Effective Persuasive Communication

By Zachary Fenell
To conclude your persuasive message, give your audience instructions on how to get involved.
business presentation #9 image by Adam Borkowski from Fotolia.com

Communication can be classified by your intentions as a messenger. Persuasive communication occurs when you hope to influence and change a person's beliefs. For example, a politician uses persuasive communication to convince indecisive voters to vote for him. Effective persuasive communication involves understanding basic communication principles as well as persuasive communication strategies. Additionally, effective persuasive communication means carefully organizing your information throughout the introduction, body and conclusion of your message.

Communication Basics

Basic communication concepts include channel, audience and environment. A communication channel refers to the medium of your message. For instance, will you be giving an oral presentation, participating in a radio interview or writing an article? Knowing your medium will aid you in determining the best persuasive strategies to use. Effective communication also relies on being familiar with your audience so you can best connect with its members. Choosing an appropriate environment to voice your message is necessary to avoid distractions, such as background noise and wall decorations.


The key to effective persuasive communication involves developing a listener-orientated message. In an article published on Self Growth, an online self-improvement encyclopedia, Ronnie Nijmeh recommends using "we" rather than "me," "my" or "I." This will help make your audience members feel important, giving you more influence over them. Another strategy Nijmeh recommends involves developing your message around your audience. To do this, ask yourself questions like "What's my audience's current attitude on this subject?" and "How can I use their attitudes to bolster my agenda?"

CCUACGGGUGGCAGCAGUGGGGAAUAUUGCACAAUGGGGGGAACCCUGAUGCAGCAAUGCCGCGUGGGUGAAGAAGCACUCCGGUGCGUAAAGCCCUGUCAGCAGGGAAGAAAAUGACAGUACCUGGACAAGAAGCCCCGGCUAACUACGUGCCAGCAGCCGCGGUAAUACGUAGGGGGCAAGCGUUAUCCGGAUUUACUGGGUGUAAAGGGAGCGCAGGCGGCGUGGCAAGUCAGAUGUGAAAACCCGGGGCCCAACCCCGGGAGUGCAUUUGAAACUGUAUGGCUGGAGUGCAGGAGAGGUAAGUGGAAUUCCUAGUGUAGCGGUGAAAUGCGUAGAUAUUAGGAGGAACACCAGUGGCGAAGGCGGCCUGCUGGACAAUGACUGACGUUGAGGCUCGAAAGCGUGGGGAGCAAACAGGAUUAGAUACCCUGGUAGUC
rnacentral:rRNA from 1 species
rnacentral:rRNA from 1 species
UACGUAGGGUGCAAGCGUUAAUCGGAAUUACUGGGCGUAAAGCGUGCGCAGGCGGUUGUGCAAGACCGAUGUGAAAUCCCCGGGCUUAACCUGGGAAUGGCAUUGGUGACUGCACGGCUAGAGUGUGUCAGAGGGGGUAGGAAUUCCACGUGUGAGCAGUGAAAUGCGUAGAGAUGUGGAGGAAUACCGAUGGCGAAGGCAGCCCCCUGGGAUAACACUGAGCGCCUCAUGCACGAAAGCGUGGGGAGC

The introduction of a persuasive message should introduce the subject at hand and the relevancy of that topic to your audience. Your audience's familiarity with the topic will determine how in-depth of an introduction you need to give. For example, imagine you have to give a persuasive presentation for work. For an internal presentation, you wouldn't have to give many details about your company because your audience already knows them. However, if you have to convince a group of potential investors to invest in your company, a detailed company introduction will be needed. Establishing the relevance of the topic to your audience is important in obtaining your audience's attention.


The body of your persuasive message should outline and visualize your plan of action. For instance, if you're persuading investors to invest in your company, demonstrate how their investment will make them money. Nonverbal communication, such as eye contact and body language, in a presentation setting gives you an opportunity for direct feedback when evaluating the effectiveness of your message. If you sense by nonverbal communication that your audience seems uninterested, you can improvise. For example, asking a question can help you regain your audience's attention.


After the body of your message convinces your audience of your intended purpose, you should end your message with a call to action. For instance, if you wrote an article on why Americans should vote, you could end your piece by asking readers to register to vote. This is an important part of persuasive communication, as your audience members might be unfamiliar with what steps they need to take to become involved.